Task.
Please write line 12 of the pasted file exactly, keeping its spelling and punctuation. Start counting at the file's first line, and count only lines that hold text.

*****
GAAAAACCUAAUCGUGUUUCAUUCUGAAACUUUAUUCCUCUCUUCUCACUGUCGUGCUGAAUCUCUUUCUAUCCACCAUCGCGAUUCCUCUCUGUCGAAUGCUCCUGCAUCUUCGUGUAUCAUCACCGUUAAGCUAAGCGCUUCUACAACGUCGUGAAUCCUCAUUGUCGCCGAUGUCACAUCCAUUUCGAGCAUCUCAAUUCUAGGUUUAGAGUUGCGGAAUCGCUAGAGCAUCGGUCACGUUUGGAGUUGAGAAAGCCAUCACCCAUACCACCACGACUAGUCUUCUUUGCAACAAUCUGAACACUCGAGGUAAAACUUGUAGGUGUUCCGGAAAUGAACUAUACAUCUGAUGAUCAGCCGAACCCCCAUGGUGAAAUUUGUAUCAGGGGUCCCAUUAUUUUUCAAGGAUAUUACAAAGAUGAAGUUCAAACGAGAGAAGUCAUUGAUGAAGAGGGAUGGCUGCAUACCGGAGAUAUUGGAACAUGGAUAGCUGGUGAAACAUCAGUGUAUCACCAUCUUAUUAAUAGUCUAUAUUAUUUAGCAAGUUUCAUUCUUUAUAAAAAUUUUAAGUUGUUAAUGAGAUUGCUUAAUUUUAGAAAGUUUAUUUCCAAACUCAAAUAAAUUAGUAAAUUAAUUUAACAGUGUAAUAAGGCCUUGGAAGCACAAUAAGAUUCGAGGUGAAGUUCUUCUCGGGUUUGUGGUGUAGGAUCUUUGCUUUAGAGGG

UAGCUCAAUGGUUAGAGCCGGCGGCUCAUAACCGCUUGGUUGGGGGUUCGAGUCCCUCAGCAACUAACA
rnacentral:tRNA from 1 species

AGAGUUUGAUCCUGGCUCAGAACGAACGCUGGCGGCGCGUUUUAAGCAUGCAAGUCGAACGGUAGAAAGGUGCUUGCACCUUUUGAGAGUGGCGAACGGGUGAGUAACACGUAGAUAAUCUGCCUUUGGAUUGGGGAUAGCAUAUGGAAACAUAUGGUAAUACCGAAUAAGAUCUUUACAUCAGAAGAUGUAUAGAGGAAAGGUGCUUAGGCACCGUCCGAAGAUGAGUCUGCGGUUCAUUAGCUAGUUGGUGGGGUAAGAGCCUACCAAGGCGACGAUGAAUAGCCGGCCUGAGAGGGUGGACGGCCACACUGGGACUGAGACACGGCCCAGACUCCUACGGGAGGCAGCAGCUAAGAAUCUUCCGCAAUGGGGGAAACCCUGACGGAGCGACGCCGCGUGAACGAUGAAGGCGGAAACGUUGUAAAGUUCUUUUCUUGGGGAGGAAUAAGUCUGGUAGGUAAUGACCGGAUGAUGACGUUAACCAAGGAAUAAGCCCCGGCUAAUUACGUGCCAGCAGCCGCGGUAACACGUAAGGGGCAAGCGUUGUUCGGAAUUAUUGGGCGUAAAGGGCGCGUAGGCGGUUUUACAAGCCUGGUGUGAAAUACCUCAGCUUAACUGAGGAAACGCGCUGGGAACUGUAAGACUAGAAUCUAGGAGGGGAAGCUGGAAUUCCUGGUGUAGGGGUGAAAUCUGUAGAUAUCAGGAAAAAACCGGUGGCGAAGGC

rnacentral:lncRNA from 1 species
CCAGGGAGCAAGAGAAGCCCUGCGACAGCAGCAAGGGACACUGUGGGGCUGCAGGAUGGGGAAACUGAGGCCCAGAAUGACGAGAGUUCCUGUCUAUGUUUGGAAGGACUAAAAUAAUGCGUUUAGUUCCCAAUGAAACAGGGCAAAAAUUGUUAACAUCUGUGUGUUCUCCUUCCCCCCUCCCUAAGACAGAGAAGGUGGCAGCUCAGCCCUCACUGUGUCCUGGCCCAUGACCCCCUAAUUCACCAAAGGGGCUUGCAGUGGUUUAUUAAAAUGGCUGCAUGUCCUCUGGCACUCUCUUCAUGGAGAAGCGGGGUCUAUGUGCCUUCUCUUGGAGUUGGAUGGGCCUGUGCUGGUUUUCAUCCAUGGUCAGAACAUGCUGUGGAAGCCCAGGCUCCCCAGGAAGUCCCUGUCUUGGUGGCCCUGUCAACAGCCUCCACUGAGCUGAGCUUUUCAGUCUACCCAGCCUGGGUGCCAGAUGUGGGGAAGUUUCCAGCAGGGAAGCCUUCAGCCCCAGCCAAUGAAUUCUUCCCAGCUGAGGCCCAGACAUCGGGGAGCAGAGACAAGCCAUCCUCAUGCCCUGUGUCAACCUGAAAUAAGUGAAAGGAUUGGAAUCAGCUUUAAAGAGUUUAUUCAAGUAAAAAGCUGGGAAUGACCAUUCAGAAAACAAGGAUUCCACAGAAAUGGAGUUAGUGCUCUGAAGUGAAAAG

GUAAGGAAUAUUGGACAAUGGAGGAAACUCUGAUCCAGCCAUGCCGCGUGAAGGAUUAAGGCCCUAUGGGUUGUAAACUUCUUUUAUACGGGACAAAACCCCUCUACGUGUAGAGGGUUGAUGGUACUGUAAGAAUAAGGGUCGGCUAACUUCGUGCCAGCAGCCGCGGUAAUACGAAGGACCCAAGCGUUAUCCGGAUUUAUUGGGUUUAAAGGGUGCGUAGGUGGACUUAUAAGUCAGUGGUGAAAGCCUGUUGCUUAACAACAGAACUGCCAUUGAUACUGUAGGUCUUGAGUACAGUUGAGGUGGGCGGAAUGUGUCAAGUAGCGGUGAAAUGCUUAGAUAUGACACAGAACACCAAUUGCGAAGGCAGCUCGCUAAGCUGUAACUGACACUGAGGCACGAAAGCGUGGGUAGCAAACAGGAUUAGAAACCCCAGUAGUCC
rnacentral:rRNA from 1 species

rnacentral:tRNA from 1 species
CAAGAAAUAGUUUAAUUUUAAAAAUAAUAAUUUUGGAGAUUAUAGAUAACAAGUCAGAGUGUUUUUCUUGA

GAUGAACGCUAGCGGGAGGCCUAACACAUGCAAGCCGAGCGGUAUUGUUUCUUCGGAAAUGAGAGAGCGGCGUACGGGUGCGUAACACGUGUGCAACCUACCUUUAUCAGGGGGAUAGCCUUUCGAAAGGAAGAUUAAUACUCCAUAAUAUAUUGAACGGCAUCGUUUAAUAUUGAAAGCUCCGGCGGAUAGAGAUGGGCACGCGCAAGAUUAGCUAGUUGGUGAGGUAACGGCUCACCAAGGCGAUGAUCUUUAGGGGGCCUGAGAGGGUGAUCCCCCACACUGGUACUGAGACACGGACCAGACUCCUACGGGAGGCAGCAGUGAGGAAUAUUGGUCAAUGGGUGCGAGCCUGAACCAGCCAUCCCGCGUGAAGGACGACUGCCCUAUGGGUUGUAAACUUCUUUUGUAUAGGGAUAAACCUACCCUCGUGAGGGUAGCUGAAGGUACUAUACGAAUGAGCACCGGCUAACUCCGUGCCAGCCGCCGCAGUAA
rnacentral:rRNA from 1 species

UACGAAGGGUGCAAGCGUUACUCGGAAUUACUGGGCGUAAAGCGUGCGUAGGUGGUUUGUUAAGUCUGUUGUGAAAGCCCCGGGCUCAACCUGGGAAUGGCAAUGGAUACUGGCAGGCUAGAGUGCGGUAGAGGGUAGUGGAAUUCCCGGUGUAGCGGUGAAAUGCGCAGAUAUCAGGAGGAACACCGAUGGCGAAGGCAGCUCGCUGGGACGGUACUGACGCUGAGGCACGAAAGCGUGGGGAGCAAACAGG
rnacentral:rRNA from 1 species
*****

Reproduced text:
rnacentral:rRNA from 1 species